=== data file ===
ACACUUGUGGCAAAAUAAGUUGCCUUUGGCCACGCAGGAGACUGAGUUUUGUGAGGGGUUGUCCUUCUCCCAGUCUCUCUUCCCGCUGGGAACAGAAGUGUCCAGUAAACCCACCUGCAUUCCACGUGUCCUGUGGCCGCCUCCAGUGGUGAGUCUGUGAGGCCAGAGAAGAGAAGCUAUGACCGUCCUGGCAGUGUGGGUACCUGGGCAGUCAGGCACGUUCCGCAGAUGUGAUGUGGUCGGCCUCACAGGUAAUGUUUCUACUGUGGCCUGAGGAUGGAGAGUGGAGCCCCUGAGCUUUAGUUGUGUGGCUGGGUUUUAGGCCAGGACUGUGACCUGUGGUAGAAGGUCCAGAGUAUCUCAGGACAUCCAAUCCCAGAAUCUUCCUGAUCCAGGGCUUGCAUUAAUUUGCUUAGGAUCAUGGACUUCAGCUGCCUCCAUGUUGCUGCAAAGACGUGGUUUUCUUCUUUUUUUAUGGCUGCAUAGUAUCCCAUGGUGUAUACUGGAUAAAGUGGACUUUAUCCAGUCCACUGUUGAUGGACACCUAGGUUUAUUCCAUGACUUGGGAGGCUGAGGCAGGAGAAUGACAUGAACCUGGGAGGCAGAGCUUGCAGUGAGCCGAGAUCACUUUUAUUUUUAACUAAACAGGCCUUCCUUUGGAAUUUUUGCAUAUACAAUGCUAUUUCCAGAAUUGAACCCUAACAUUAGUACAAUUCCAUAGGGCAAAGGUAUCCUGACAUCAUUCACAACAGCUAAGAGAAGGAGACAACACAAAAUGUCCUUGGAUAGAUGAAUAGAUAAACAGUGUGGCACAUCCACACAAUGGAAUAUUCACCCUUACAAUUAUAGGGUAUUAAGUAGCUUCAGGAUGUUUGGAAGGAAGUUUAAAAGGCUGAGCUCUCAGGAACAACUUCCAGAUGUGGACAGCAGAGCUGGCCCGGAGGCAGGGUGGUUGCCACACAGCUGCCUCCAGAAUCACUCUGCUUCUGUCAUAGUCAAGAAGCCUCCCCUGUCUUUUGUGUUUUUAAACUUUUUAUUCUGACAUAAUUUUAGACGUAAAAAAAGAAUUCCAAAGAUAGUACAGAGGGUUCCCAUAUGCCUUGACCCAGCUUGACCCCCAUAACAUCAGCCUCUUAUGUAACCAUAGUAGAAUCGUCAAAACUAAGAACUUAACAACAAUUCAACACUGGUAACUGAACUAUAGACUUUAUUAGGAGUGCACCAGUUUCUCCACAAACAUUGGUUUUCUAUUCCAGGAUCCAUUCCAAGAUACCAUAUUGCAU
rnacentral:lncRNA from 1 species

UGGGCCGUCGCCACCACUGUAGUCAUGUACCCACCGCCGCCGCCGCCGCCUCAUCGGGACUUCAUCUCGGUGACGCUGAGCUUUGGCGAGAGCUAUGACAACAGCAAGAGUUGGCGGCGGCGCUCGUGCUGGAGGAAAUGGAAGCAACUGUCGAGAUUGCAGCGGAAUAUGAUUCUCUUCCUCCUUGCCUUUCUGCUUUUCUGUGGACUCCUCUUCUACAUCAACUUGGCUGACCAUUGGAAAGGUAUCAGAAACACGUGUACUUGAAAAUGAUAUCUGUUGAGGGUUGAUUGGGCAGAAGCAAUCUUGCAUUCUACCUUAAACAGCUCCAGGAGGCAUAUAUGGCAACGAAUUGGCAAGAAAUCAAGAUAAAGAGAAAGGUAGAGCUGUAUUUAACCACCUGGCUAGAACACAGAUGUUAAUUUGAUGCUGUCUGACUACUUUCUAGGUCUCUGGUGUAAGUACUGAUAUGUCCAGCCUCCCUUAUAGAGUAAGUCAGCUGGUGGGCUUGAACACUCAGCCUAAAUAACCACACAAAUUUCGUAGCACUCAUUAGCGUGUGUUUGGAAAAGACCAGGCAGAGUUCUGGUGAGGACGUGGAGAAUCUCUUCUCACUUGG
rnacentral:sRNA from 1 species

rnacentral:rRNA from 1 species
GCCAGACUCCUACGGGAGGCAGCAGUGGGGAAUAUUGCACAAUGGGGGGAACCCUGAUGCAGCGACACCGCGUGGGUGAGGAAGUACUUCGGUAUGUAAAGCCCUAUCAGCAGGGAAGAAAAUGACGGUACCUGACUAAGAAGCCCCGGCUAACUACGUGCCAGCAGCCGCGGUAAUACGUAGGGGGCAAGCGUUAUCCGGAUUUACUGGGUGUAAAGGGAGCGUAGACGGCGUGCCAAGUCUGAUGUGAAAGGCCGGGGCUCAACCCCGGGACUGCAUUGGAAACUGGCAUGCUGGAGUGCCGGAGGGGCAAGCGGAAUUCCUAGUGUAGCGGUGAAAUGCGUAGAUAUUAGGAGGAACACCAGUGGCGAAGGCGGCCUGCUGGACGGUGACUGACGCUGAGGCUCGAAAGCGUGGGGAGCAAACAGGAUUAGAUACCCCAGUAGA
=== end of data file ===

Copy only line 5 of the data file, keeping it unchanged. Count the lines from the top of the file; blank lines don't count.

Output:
rnacentral:rRNA from 1 species